The sustenance Jesus gives to a hungy world. Studying John 4:30-34

In John 4, Jesus has met a Samaritan woman at a well and told her of the living water that he provides. It’s also a passage where we see this woman respond to Jesus by telling others about him. She’s the first evangelist to Christ in north Israel. 

The woman asked the people “can this be the Christ?” She certainly doesn’t know everything about Jesus. But she’s gone to her people and told them about this man. She draws intrigue from her people. 

John 4:30 says: They went out of the town and were coming to him. 

A heavenly nourishment

The Samaritan woman has left, and the story takes us back to Jesus and his disciples. 

31 Meanwhile the disciples were urging him, saying, “Rabbi, eat.” 32 But he said to them, “I have food to eat that you do not know about.” 33 So the disciples said to one another, “Has anyone brought him something to eat?”

Natural metaphors

Jesus refers to food that he has and the disciples do not understand his reference. 

Throughout John’s Gospel, there are many other instances where Jesus metaphorically talks of something from the natural world in a spiritual way and the audience misses the point. 

When Jesus was at the temple and he said that they could destroy the temple and he would raise it up in three days. He was referring to his death and resurrection and his body as the true temple of God. The people just thought he was talking about a building. 

When Jesus was talking to Nicodemus about being born again. Jesus was referring to Spiritual rebirth but Nicodemus thought Jesus was talking about physical birth. 

When Jesus spoke with the Samaritan woman and talked of living water he provided and she initially thought he was simply referring to water. 

And here again, Jesus refers to food and the disciples are like “did someone bring him a sandwich? Do they deliver pizza over here at the well?” 

Verse 34

“My food is to do the will of him who sent me and to accomplish his work.

Deuteronomy connection 

Jesus is making a reference to the Book of Deuteronomy, chapter 8. 

The Israelites have been in the desert for 40 years and it has been the Lord who has sustained the people. 

 And he humbled you and let you hunger and fed you with manna, which you did not know, nor did your fathers know, 

that he might make you know that man does not live by bread alone, but man lives by every word that comes from the mouth of the Lord. (Deuteronomy 8:3)

Jesus finds his sustenance in his earthly ministry in fulfilling the will of God. 

That is his food. That is his nourishment. Man does not live on bread alone but man lives by every word that comes from the mouth of the Lord. Jesus lived in accordance with the divine plan to fulfill the divine mission in the world.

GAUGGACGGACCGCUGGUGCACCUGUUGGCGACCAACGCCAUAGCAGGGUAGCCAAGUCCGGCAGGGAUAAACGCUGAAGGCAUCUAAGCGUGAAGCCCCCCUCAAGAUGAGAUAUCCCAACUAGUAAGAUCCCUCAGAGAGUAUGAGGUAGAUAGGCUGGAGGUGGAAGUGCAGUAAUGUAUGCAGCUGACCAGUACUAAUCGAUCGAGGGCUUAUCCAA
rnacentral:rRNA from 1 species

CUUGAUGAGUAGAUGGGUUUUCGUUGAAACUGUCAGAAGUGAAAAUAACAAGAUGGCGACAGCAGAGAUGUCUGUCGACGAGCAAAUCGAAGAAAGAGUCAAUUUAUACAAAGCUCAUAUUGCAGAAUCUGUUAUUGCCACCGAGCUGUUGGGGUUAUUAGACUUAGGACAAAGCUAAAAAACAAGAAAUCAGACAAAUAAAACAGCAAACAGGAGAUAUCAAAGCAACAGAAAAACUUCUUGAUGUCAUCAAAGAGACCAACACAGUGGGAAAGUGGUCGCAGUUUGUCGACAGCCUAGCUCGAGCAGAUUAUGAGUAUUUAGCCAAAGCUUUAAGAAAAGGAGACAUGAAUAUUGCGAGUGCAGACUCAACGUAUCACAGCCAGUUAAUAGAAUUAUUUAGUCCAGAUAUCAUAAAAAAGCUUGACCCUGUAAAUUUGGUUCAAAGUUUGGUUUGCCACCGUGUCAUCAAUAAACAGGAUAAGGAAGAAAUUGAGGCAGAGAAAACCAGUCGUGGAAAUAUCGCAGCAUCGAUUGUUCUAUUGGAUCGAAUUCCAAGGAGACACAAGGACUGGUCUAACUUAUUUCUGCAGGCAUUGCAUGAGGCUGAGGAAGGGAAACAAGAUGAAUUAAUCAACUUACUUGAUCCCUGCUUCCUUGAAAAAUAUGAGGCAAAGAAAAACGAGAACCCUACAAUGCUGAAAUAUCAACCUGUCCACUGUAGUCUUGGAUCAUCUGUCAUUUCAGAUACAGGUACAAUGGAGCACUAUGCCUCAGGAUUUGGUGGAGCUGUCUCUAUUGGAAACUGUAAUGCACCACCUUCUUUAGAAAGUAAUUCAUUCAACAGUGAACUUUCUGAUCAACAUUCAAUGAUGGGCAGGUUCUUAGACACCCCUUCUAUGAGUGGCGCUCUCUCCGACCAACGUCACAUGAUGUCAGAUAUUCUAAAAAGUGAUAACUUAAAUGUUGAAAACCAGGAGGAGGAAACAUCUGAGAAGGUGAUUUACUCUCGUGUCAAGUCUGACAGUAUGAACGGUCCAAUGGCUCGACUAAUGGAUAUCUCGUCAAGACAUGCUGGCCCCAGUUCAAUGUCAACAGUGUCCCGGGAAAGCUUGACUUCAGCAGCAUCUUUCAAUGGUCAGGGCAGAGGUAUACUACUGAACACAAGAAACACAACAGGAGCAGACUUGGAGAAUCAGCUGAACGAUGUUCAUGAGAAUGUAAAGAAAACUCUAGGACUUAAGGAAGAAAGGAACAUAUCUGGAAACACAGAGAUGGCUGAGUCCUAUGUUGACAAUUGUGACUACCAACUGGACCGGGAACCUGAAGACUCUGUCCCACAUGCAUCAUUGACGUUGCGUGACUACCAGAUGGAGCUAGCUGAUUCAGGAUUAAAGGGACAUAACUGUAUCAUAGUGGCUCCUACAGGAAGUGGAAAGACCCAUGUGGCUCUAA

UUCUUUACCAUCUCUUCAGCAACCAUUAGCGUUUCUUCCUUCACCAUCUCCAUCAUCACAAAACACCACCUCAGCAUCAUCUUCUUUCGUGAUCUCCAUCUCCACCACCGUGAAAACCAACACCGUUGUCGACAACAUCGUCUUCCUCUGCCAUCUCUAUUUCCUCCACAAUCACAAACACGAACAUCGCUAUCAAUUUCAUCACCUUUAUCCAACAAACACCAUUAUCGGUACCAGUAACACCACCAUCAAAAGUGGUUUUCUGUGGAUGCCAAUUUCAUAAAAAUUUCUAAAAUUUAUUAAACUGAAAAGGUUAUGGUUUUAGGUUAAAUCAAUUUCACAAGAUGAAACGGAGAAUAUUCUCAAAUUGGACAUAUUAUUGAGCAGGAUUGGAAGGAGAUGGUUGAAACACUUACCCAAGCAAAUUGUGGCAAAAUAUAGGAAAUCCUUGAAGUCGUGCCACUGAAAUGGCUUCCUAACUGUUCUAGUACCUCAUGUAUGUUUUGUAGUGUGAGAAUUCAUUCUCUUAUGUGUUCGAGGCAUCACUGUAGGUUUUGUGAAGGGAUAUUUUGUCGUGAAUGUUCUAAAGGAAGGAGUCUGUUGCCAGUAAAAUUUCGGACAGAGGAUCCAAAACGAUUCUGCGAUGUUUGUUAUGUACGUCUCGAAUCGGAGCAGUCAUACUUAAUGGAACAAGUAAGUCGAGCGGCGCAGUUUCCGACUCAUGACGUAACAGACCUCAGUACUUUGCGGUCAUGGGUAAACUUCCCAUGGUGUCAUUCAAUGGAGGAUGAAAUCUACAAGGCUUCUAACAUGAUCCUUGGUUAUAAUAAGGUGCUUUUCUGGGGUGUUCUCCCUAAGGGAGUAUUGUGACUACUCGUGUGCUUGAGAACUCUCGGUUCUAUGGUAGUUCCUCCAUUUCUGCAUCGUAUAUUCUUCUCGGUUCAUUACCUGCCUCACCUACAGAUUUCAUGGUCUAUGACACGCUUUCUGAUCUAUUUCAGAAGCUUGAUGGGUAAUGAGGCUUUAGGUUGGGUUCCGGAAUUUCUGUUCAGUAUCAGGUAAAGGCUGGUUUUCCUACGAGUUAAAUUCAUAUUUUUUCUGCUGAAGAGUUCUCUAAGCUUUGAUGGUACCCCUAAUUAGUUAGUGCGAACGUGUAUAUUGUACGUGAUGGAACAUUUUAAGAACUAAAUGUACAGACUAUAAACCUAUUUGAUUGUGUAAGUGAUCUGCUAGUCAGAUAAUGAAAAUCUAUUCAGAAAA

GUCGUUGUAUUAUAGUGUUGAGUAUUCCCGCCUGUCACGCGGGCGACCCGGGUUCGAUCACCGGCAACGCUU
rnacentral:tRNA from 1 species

What are we living for? 

The mission of God is everything. 

Living on purpose 

I say all the time that the purpose of life is not happiness, it’s knowing and serving God. And we serve him through being part of God’s mission in the world. 

But my point of that is not that we are called to drudgery and begrudging submission. 

Rather, the point is that true life is found from the Lord and from serving him. 

Jesus said “My food is to do the will of him who sent me and to accomplish his work.

And that should be the food for which we all long. 

Borrowing an idea from Charles Spuregon, we so often like to think that if we could do exactly what we wanted, if we could orchestrate our lives exactly as we wished, then we would be happy. 

What this verse is saying is the opposite. 

Happiness is not about what we want, what we desire, having our way. Happiness, meaning, purpose is found in going away from ourselves and what we want and following the Lord and his will. 

We are sustained by living for God and his will to accomplish his work. There is no greater sustenance than that. There is no greater nourishment than that. 

Illustration – hoarding food 

Jesus says: “My food is to do the will of him who sent me and to accomplish his work.

So often, our focus is on our physical needs. And not just the bare minimum of our needs. We have fridges and pantries. Most of us in this country have days worth of food. 

I think of coronavirus. When the crisis began, there was widespread reporting of people going to grocery stores. Some were hoarding and buying massive quantities. Locally, stores were running out of food. There’s still a shortage of toilet paper and hand sanitizer. I’m not judging that. I’d be hypocritical. I want to the store too. 

But I think it’s illustrative of the inherent concern we have for our physical needs. It’s a typical human behavior in a crisis to want to stock up on food. 

Food is important.

But I ask: “how different would the world be if the people of God took our Spiritual needs with the same seriousness and urgency as we treated our physical needs?” 

An urgency to go to God. An urgency to live out our faith. An urgency to rejoice in the goodness of God. To pray to God. To overcome sin. To study God’s Word. 

Man does not live by bread alone.  

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